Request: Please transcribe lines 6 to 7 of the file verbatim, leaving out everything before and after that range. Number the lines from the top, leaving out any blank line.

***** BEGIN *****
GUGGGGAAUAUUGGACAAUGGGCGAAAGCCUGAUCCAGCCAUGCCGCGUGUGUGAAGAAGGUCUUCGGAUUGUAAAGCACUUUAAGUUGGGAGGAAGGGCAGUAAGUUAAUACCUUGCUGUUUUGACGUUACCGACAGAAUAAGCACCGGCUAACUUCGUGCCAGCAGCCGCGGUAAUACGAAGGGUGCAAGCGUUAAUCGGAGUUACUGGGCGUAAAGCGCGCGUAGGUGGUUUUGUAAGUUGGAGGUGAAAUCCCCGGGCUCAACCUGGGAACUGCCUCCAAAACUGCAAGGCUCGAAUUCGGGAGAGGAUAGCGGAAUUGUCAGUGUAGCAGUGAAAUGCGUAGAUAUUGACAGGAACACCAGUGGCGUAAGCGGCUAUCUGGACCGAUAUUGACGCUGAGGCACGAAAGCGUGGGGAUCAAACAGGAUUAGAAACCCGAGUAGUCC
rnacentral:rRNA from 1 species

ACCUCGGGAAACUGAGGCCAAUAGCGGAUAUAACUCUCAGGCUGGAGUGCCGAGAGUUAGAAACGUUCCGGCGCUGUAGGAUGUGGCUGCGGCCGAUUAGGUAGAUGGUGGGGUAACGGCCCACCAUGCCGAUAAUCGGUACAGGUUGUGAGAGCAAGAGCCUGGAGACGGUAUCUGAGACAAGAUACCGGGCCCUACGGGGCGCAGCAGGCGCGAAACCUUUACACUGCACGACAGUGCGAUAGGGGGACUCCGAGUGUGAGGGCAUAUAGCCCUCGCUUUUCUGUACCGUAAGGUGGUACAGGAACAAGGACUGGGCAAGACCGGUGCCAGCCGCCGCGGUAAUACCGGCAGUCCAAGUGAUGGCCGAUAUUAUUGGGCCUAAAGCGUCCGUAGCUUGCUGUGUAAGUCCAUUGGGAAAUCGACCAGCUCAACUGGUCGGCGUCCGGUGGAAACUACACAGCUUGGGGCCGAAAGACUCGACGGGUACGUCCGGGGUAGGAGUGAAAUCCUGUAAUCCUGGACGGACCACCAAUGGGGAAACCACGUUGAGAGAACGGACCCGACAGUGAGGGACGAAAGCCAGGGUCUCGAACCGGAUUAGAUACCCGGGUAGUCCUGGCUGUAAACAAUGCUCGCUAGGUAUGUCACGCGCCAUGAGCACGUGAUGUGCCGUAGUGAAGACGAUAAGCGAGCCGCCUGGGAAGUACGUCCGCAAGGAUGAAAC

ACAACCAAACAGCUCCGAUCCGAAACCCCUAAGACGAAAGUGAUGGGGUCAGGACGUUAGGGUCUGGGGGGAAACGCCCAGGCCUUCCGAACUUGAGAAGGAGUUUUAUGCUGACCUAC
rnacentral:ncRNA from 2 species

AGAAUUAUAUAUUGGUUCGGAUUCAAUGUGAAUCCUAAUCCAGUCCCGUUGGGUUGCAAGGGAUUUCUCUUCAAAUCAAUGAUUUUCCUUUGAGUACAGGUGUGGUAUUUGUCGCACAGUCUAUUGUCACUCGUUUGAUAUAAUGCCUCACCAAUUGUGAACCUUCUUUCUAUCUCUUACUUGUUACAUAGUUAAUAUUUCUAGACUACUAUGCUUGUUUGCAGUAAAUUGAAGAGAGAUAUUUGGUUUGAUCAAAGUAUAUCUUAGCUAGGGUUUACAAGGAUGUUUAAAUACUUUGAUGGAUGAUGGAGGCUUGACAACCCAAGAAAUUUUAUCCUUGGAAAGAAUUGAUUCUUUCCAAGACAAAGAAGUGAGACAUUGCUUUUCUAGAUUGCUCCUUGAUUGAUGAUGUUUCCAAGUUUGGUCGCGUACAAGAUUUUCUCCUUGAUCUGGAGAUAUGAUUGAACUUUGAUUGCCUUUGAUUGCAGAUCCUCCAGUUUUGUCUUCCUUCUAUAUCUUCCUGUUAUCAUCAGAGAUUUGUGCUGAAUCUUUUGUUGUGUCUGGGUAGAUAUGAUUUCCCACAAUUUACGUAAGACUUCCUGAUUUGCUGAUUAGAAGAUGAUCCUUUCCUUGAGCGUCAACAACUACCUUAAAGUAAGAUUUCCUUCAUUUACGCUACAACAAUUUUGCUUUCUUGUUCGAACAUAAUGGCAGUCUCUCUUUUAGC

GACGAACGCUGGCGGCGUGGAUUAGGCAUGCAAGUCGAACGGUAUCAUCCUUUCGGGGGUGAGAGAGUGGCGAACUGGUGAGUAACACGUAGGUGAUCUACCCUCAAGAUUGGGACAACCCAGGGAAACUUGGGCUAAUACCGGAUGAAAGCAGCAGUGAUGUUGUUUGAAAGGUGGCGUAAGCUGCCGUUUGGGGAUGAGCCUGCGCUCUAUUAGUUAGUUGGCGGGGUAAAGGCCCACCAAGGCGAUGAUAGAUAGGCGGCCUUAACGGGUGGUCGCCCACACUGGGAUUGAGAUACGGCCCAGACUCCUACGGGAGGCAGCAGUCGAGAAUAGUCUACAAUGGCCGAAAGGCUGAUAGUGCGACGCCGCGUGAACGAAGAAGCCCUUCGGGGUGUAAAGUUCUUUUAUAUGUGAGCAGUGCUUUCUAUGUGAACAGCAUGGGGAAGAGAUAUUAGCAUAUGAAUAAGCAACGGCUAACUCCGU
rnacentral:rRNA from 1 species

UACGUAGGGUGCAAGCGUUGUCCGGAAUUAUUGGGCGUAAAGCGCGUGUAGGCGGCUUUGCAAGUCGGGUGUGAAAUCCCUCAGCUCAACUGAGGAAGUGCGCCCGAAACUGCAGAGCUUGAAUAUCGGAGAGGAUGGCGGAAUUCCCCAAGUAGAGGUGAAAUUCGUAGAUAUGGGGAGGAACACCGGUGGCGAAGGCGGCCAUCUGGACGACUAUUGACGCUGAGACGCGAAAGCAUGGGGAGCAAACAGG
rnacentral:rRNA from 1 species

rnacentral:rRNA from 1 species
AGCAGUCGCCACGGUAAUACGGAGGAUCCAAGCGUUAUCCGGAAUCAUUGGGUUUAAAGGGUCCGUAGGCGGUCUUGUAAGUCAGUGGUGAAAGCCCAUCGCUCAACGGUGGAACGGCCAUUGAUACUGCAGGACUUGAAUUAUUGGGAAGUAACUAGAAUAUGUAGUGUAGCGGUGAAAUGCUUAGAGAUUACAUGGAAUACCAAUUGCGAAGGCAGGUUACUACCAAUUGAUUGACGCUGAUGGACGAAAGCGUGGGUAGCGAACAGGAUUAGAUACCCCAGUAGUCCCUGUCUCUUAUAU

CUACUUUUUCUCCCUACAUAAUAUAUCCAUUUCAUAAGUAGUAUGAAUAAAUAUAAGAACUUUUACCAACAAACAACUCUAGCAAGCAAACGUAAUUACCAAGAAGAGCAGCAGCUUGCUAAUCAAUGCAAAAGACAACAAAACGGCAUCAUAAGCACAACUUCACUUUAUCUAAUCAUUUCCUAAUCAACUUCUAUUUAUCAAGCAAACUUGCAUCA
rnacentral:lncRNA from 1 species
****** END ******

AGAAUUAUAUAUUGGUUCGGAUUCAAUGUGAAUCCUAAUCCAGUCCCGUUGGGUUGCAAGGGAUUUCUCUUCAAAUCAAUGAUUUUCCUUUGAGUACAGGUGUGGUAUUUGUCGCACAGUCUAUUGUCACUCGUUUGAUAUAAUGCCUCACCAAUUGUGAACCUUCUUUCUAUCUCUUACUUGUUACAUAGUUAAUAUUUCUAGACUACUAUGCUUGUUUGCAGUAAAUUGAAGAGAGAUAUUUGGUUUGAUCAAAGUAUAUCUUAGCUAGGGUUUACAAGGAUGUUUAAAUACUUUGAUGGAUGAUGGAGGCUUGACAACCCAAGAAAUUUUAUCCUUGGAAAGAAUUGAUUCUUUCCAAGACAAAGAAGUGAGACAUUGCUUUUCUAGAUUGCUCCUUGAUUGAUGAUGUUUCCAAGUUUGGUCGCGUACAAGAUUUUCUCCUUGAUCUGGAGAUAUGAUUGAACUUUGAUUGCCUUUGAUUGCAGAUCCUCCAGUUUUGUCUUCCUUCUAUAUCUUCCUGUUAUCAUCAGAGAUUUGUGCUGAAUCUUUUGUUGUGUCUGGGUAGAUAUGAUUUCCCACAAUUUACGUAAGACUUCCUGAUUUGCUGAUUAGAAGAUGAUCCUUUCCUUGAGCGUCAACAACUACCUUAAAGUAAGAUUUCCUUCAUUUACGCUACAACAAUUUUGCUUUCUUGUUCGAACAUAAUGGCAGUCUCUCUUUUAGC

GACGAACGCUGGCGGCGUGGAUUAGGCAUGCAAGUCGAACGGUAUCAUCCUUUCGGGGGUGAGAGAGUGGCGAACUGGUGAGUAACACGUAGGUGAUCUACCCUCAAGAUUGGGACAACCCAGGGAAACUUGGGCUAAUACCGGAUGAAAGCAGCAGUGAUGUUGUUUGAAAGGUGGCGUAAGCUGCCGUUUGGGGAUGAGCCUGCGCUCUAUUAGUUAGUUGGCGGGGUAAAGGCCCACCAAGGCGAUGAUAGAUAGGCGGCCUUAACGGGUGGUCGCCCACACUGGGAUUGAGAUACGGCCCAGACUCCUACGGGAGGCAGCAGUCGAGAAUAGUCUACAAUGGCCGAAAGGCUGAUAGUGCGACGCCGCGUGAACGAAGAAGCCCUUCGGGGUGUAAAGUUCUUUUAUAUGUGAGCAGUGCUUUCUAUGUGAACAGCAUGGGGAAGAGAUAUUAGCAUAUGAAUAAGCAACGGCUAACUCCGU